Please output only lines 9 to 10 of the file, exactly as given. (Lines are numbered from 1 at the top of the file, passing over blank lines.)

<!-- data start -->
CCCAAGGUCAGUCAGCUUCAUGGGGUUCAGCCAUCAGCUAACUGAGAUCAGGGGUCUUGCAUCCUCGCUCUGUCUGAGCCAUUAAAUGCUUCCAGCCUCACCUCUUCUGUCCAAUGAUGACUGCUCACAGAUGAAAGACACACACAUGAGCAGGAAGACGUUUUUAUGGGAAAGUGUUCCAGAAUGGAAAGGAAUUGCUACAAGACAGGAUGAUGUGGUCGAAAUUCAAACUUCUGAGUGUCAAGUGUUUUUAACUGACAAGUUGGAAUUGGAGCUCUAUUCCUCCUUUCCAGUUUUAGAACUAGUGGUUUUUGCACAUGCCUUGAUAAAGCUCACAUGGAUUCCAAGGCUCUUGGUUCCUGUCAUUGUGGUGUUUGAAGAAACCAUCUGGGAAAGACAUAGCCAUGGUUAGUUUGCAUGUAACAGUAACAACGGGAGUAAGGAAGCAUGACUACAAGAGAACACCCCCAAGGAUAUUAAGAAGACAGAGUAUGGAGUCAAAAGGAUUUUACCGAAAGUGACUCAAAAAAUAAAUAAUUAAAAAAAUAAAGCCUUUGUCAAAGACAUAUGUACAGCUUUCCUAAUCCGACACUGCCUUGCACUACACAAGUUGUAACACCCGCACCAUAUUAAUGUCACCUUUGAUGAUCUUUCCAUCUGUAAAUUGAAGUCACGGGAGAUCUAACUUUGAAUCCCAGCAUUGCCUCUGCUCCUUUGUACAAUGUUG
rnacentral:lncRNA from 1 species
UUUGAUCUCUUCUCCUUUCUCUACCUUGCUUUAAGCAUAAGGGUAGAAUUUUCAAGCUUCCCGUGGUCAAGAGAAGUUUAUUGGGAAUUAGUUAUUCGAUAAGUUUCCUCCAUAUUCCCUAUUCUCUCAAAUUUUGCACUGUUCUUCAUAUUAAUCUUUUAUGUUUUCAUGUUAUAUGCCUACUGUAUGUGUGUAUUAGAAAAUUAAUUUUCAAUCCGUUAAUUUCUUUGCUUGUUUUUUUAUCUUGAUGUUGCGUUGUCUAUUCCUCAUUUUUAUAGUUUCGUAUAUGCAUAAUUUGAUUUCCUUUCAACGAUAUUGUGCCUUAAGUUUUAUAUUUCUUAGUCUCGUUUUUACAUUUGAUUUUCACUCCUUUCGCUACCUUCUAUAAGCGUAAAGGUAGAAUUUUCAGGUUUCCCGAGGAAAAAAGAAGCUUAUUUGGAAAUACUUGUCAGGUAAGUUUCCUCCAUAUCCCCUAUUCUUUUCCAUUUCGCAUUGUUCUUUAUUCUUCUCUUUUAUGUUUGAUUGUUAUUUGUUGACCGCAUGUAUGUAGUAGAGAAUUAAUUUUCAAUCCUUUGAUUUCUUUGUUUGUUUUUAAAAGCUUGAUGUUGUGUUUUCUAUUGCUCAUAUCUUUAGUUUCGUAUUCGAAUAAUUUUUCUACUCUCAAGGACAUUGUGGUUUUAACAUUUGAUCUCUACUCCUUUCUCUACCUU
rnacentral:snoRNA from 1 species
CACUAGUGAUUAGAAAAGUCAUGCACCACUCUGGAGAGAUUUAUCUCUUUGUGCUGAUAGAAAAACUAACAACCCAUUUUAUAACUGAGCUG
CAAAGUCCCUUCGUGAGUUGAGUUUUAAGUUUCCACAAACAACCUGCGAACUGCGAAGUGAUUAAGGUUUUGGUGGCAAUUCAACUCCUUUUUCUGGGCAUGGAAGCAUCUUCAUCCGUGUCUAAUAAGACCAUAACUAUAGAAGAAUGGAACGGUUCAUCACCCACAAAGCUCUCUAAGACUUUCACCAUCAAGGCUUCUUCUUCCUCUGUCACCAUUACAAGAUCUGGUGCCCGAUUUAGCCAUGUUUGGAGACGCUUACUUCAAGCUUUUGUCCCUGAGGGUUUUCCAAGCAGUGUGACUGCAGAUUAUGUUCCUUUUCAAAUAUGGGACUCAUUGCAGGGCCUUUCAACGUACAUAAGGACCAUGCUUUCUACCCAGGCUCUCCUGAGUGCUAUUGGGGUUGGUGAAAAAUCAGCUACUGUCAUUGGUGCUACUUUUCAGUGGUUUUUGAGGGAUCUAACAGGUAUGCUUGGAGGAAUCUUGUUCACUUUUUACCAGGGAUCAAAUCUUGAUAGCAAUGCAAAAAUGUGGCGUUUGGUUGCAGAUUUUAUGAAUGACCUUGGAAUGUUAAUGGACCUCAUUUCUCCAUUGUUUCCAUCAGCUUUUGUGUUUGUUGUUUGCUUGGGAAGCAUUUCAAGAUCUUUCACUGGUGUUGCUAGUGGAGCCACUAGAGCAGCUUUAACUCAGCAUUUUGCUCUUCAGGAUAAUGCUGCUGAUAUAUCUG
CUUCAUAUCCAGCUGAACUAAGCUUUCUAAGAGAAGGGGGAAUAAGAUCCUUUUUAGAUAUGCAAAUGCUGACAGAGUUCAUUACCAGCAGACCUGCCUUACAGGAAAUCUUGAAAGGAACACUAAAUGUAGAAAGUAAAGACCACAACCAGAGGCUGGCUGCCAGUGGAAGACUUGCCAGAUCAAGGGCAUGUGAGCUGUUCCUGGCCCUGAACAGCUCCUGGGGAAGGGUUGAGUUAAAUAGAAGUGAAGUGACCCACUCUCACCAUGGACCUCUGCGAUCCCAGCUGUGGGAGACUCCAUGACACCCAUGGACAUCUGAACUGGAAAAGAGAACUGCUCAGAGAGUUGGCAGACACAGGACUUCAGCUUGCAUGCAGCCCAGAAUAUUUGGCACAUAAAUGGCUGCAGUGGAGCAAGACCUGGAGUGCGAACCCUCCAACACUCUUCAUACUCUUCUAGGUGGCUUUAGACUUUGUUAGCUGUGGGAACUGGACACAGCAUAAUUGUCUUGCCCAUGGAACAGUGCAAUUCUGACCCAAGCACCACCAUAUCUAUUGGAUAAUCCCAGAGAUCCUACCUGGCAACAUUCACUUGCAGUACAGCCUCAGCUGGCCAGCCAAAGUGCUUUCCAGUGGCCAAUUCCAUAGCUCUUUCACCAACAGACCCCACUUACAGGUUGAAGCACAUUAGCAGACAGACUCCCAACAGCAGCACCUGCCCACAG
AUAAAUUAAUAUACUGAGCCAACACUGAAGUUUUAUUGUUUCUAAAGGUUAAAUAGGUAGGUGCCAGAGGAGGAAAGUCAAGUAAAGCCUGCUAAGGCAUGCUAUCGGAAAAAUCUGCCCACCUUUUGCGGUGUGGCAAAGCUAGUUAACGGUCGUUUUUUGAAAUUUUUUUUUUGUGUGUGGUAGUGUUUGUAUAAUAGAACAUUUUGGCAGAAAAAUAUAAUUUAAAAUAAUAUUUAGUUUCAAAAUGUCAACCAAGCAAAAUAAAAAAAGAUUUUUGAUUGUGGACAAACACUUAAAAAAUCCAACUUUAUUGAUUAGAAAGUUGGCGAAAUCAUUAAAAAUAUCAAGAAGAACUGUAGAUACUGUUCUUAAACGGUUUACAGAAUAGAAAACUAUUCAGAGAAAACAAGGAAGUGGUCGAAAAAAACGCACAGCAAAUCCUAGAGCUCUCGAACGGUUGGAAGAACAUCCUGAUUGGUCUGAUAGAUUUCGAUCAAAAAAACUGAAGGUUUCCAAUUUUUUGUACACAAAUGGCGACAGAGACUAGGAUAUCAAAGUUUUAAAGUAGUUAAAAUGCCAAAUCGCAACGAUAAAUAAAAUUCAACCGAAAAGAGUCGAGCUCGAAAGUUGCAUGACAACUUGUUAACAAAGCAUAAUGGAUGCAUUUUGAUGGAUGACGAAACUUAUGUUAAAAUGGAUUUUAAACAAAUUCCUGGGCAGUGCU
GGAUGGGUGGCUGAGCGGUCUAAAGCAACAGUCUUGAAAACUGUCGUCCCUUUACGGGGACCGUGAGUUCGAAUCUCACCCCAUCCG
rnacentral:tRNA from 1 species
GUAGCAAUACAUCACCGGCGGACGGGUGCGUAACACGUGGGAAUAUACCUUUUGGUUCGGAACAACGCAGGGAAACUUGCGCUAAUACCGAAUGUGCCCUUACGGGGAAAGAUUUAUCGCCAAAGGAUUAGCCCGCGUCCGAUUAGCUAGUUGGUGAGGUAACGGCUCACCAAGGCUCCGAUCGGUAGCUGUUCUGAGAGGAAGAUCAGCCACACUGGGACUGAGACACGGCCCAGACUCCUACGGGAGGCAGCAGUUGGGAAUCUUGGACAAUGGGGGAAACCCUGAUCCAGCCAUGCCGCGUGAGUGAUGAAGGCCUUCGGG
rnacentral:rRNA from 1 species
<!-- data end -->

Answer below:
GGAUGGGUGGCUGAGCGGUCUAAAGCAACAGUCUUGAAAACUGUCGUCCCUUUACGGGGACCGUGAGUUCGAAUCUCACCCCAUCCG
rnacentral:tRNA from 1 species